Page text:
H. Leslie Adams (b. 1932) is the winner of the 2015 Cleveland Arts Prize Lifetime Achievement Award. Born in Cleveland, Ohio, he attended school in California, and served many years as a choral conductor, show musical director, and educator, before becoming a composer full time in 1979. His unique music touches a wide variety of musical tastes and preferences. His stage work BLAKE was featured on the VOX Showcase of New York City Opera, and on the National Opera Association programs. His art songs have been sung by leading artists worldwide, in many languages. His orchestral works have been performed by the Prague Radio Symphony, Iceland Symphony, Buffalo Philharmonic, Cleveland Orchestra and Indianapolis Symphony, to name a few.
Recordings of Adams' music include "Love Rejoices: Songs of H. Leslie Adams" first released in January, 2001, featuring the internationally-known tenor, Darryl Taylor. It was chosen as one of the ten best recordings of the year by American Record Guide, and is now in its second printing. Love Rejoices is a 75-minute all-Adams recital featuring the artistry of Mr. Taylor and accompanist Robin Guy. The album features the complete song cycle, "Nightsongs" and "The Wider View" along with excerpts from "Five Millay Songs" and many individual songs, including the composer's original setting of "Amazing Grace."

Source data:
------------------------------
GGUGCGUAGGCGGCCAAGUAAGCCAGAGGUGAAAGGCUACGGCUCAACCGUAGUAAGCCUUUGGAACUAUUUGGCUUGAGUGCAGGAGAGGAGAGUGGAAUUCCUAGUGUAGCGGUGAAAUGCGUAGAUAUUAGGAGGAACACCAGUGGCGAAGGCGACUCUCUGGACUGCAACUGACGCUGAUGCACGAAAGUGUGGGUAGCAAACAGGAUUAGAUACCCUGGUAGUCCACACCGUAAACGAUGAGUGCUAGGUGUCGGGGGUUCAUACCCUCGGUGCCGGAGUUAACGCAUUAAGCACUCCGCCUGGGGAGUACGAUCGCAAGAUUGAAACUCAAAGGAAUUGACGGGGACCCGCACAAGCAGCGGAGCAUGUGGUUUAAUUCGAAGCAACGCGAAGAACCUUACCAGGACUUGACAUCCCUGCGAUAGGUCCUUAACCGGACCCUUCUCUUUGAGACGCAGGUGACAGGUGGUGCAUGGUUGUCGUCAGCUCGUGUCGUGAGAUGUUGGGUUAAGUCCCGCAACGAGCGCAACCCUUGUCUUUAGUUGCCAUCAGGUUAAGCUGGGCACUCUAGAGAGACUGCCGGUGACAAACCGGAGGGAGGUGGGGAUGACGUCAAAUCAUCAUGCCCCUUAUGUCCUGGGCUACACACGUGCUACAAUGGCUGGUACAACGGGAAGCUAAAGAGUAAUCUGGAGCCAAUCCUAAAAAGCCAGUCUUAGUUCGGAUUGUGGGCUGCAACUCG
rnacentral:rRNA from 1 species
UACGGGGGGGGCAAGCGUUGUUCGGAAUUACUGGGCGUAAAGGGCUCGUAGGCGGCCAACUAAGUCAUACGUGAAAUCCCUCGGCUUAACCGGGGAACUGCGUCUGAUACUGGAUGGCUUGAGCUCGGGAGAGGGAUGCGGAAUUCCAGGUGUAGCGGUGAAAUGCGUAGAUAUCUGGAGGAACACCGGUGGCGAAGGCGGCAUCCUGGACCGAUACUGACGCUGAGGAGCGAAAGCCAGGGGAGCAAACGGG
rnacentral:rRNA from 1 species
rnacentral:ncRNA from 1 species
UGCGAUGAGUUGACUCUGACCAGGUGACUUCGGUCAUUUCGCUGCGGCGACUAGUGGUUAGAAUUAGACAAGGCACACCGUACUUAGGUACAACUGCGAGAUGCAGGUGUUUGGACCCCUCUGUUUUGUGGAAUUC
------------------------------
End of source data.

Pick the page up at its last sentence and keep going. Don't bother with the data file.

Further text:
Adams' very popular "Etudes for Piano" have been recorded variously by pianists including Maria Corley and Thomas Otten.
"Nightsongs" a collection of songs on poetry by African-American poets, is one of ACA's most popular sheet music collections, year after year. Many critics have observed that they find no other composer writing like Adams in the world. They find it simple yet complex, fun yet serious, spiritual yet nonreligious. Above all, his music touches the heart and soul in a personal manner.
Links to purchase recordings below:
***Notice: Any recordings of songs or vocal music by H. Leslie Adams may require licensing and clearances from all legal rightsholders, including text authors and their estates. Purchase of a score does not transfer recording rights.